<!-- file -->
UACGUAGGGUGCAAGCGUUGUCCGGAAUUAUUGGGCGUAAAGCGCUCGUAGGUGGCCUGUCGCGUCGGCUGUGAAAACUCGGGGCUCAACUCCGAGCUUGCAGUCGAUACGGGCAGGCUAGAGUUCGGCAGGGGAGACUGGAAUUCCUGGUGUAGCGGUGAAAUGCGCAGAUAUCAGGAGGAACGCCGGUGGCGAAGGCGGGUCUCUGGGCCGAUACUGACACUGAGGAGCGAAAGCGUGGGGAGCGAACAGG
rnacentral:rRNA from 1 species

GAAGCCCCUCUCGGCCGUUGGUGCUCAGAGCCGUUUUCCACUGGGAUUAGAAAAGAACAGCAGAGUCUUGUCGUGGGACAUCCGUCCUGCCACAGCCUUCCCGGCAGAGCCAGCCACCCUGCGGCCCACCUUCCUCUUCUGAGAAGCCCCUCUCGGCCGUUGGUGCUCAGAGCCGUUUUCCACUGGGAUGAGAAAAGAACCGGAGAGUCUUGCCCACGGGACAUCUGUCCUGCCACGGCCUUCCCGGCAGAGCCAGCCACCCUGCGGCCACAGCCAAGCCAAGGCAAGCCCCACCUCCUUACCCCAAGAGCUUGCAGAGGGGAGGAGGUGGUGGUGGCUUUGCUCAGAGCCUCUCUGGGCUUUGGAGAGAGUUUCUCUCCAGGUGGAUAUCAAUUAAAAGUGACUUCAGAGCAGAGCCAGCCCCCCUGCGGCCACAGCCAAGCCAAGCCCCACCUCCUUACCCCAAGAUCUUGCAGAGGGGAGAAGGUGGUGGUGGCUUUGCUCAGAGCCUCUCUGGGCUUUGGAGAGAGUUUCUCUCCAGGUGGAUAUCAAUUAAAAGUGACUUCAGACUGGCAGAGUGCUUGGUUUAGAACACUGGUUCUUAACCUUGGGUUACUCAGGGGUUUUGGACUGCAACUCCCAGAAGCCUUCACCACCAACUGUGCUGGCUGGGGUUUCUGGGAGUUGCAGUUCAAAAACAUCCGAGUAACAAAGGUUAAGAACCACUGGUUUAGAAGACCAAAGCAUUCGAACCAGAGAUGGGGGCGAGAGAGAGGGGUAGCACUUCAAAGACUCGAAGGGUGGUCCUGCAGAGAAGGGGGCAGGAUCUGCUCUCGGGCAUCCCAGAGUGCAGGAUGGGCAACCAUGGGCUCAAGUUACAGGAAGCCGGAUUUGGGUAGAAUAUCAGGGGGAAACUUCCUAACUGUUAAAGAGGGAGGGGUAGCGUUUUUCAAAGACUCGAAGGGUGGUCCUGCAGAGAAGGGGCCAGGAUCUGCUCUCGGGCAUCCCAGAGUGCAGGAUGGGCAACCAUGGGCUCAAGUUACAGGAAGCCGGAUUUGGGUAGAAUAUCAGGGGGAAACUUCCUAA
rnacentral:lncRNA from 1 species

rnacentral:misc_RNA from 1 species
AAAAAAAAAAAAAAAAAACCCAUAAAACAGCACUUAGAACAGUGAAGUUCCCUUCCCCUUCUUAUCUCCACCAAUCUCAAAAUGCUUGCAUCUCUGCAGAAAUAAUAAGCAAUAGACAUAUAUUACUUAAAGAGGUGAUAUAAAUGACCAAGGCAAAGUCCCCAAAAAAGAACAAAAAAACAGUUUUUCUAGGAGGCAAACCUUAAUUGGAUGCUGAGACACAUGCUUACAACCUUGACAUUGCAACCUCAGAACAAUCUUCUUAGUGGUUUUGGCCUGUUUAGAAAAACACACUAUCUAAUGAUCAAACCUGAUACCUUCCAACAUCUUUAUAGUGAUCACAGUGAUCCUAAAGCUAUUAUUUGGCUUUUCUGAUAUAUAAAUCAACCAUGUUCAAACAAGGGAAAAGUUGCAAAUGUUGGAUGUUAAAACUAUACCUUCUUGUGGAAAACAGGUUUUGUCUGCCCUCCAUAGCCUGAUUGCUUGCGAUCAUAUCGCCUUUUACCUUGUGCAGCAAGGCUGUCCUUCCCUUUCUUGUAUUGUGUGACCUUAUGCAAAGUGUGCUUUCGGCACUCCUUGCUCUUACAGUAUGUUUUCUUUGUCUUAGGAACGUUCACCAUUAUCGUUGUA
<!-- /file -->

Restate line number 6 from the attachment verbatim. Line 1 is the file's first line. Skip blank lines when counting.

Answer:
AAAAAAAAAAAAAAAAAACCCAUAAAACAGCACUUAGAACAGUGAAGUUCCCUUCCCCUUCUUAUCUCCACCAAUCUCAAAAUGCUUGCAUCUCUGCAGAAAUAAUAAGCAAUAGACAUAUAUUACUUAAAGAGGUGAUAUAAAUGACCAAGGCAAAGUCCCCAAAAAAGAACAAAAAAACAGUUUUUCUAGGAGGCAAACCUUAAUUGGAUGCUGAGACACAUGCUUACAACCUUGACAUUGCAACCUCAGAACAAUCUUCUUAGUGGUUUUGGCCUGUUUAGAAAAACACACUAUCUAAUGAUCAAACCUGAUACCUUCCAACAUCUUUAUAGUGAUCACAGUGAUCCUAAAGCUAUUAUUUGGCUUUUCUGAUAUAUAAAUCAACCAUGUUCAAACAAGGGAAAAGUUGCAAAUGUUGGAUGUUAAAACUAUACCUUCUUGUGGAAAACAGGUUUUGUCUGCCCUCCAUAGCCUGAUUGCUUGCGAUCAUAUCGCCUUUUACCUUGUGCAGCAAGGCUGUCCUUCCCUUUCUUGUAUUGUGUGACCUUAUGCAAAGUGUGCUUUCGGCACUCCUUGCUCUUACAGUAUGUUUUCUUUGUCUUAGGAACGUUCACCAUUAUCGUUGUA